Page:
n the summer of 1999, Geraldine Campbell’s left eye began to droop. As a polio survivor, she thought the symptom was another aspect of post-polio syndrome and arranged for an appointment with a neurologist at the University of Miami/Jackson Memorial Medical Center. What followed made medical history.
A magnetic resonance (MR) scan revealed a bulging aneurysm the size of a golf ball on Campbell’s left carotid artery behind her eye. Further examination uncovered a smaller, more dangerous, symptomless aneurysm on the right carotid artery in her brain. Conventional neurosurgery was scheduled to clip the aneurysm on Campbell’s right carotid artery, to be followed by a second surgery for an arterial graft to bypass the aneurysm. Both surgeries would be invasive and involved opening the skull and exposing the brain. As soon as her skull was opened, however, the operation came to a halt: polio had malformed the blood vessels, making surgery too risky to proceed. Campbell was fortunate to be at UM/Jackson, which is on the forefront of interventional radiology. Ten days after her operation was aborted, Ajay K. Wakhloo, M.D., Ph.D., chief of neuroendovascular surgery and interventional neuroradiology at UM/Jackson, took Campbell into the interventional neuroradiology suite, placed a catheter in her groin, and threaded it through her arteries to the right carotid aneurysm. Twelve tiny wire coils were delivered through the catheter into the aneurysm, filling it and eliminating any danger of rupture. As a result of polio as an infant, Campbell had no reflexes on her left side, as well as a condition wherein one pupil is larger than the other. Following the occlusion of the right carotid artery aneurysm, the condition in her eye disappeared, and she regained the reflexes she had lost 56 years earlier.

The giant bulge behind Campbell’s left eye was left untouched whileshe rested and recovered from the first procedure. In October 1999, Dr. Wakhloo attempted to treat it in a similar manner. He planned to place a small metal porous tube called a stent inside the artery, covering the entire length of the bulge and filling the aneurysm with coils. However, the stent was too rigid to pass through the hairpin curves in the patient’s arteries, and she was sent home.

By March 2000, her symptoms worsened, and the aneurysm had grown to the size of an egg and was in danger of rupture. Just in time, research had produced a flexible stent. She returned to UM/Jackson, where Dr. Wakhloo placed a flexible stent in the carotid artery and 28 coils in the giant aneurysm, successfully occluding it and preventing it from further growth and rupture.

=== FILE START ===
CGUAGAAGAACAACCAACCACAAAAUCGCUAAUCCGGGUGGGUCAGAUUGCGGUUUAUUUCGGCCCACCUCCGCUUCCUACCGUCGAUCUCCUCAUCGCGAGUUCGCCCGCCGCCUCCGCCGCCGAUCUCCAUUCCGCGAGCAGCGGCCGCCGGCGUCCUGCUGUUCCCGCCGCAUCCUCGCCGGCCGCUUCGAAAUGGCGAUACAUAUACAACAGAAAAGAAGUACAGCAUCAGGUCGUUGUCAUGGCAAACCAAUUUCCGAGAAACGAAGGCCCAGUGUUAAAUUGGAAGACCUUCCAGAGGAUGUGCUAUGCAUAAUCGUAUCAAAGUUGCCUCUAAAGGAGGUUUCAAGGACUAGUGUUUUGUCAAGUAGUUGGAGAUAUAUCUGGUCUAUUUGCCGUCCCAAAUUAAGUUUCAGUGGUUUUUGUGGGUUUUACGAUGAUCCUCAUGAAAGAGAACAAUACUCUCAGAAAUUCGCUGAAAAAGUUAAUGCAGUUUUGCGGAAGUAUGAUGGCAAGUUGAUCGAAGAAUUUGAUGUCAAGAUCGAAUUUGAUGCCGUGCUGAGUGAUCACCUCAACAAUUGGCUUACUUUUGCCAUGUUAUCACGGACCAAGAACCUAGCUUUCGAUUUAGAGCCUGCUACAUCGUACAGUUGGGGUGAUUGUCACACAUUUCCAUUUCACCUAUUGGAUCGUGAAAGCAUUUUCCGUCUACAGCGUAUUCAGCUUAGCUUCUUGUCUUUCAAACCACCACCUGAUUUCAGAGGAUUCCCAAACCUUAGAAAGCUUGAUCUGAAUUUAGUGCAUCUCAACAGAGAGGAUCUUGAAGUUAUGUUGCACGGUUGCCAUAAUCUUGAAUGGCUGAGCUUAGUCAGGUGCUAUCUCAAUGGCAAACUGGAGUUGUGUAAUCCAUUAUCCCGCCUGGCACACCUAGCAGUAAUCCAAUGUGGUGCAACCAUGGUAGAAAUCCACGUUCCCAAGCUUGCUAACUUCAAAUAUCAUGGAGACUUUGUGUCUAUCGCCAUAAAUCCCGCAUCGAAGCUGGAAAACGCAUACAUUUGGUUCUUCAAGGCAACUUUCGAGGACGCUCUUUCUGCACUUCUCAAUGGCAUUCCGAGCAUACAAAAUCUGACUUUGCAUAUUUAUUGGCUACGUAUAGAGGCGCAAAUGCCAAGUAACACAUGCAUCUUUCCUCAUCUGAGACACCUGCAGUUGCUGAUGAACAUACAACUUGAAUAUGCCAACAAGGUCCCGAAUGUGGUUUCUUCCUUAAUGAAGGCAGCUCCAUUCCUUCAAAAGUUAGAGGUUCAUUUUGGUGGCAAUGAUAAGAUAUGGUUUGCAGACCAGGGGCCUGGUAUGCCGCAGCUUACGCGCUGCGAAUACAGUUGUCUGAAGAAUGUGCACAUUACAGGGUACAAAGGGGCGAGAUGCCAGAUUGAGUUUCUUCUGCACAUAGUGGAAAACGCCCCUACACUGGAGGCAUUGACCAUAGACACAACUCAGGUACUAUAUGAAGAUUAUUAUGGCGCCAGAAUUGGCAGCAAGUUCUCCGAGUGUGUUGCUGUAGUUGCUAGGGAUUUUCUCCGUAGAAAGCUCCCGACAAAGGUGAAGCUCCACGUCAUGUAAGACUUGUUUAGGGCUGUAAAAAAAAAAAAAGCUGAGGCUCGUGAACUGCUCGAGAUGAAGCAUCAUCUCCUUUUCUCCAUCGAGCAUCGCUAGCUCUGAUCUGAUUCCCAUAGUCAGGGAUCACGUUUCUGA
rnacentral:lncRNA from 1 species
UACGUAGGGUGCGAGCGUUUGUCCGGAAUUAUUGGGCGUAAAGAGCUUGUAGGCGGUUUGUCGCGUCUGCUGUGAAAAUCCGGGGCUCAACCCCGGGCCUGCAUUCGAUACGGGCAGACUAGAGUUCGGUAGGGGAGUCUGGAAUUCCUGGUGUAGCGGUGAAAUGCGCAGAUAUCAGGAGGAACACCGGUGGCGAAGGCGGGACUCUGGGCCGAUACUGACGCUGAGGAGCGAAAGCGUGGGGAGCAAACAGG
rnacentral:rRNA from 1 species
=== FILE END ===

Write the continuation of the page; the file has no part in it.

The procedure saved her life. It was a giant non-ruptured aneurysm repair, and a groundbreaking case for minimally invasive endovascular treatment (performed from the inside of a blood vessel).

Campbell’s experience reflects a growing trend away from conventional open surgery and toward minimally invasive treatments at UM/Jackson and other progressive medical centers.

“The face of radiology has changed dramatically in the past ten years and continues to evolve. It has, in part, turned into a surgical subspecialty,” says Robert M. Quencer, M.D., chairman of the Department of Radiology and holder of the Robert Shapiro, M.D., Professor of Radiology endowed chair at the School of Medicine. “Many vascular diseases formerly treated by general surgeons, vascular surgeons, and neurosurgeons are now being treated in the radiology suite by interventional radiologists.”

etter patient care is the motivation behind the movement away from traditional surgery. Endovascular and other types of minimally invasive procedures performed by interventional radiologists are much easier to tolerate. Patients suffer far less posttreat-ment pain and usually are able to return home and to normal activities in a few days. The procedures carry less risk than open surgery and cost less.

Angioplasty, the first and best-known endovascular procedure, has been performed in the heart since the 1980s. The use of stents, metal scaffolds that hold the arteries open after the procedure, has secured a place for angioplasty in the treatment of vascular disease throughout the body. Outside the coronary (heart), carotid (neck), and brain arteries, angioplasty is performed in most major and many minor vessels at UM/Jackson by Jose M. Yrizarry, M.D., chief of the Division of Vascular Interventional Radiology, and his colleagues.“Instead of removing part of a blocked or damaged artery, or bypassing it, we treat it through the inside,” he explains.

The problem may be located in the leg arteries, small arteries around the ankles, or those that supply the kidneys. An aneurysm in the aorta, the body’s major blood-carrying trunk, can be deadly. Surgery to repair the aorta itself is risky. Patching weakened aortas from the inside is a far-less-risky lifesaving procedure.

These procedures also are valuable in the Emergency Department, where the radiologists often are called on to patch torn vessels in trauma victims with plastic-covered stents. They occasionally plug small torn vessels by injecting Gelfoam or metal coils, which form a clot and stop the bleeding. “It is sometimes easier to control bleeding this way, permitting the surgeons to concentrate on repairing damaged organs,” says Dr. Yrizarry.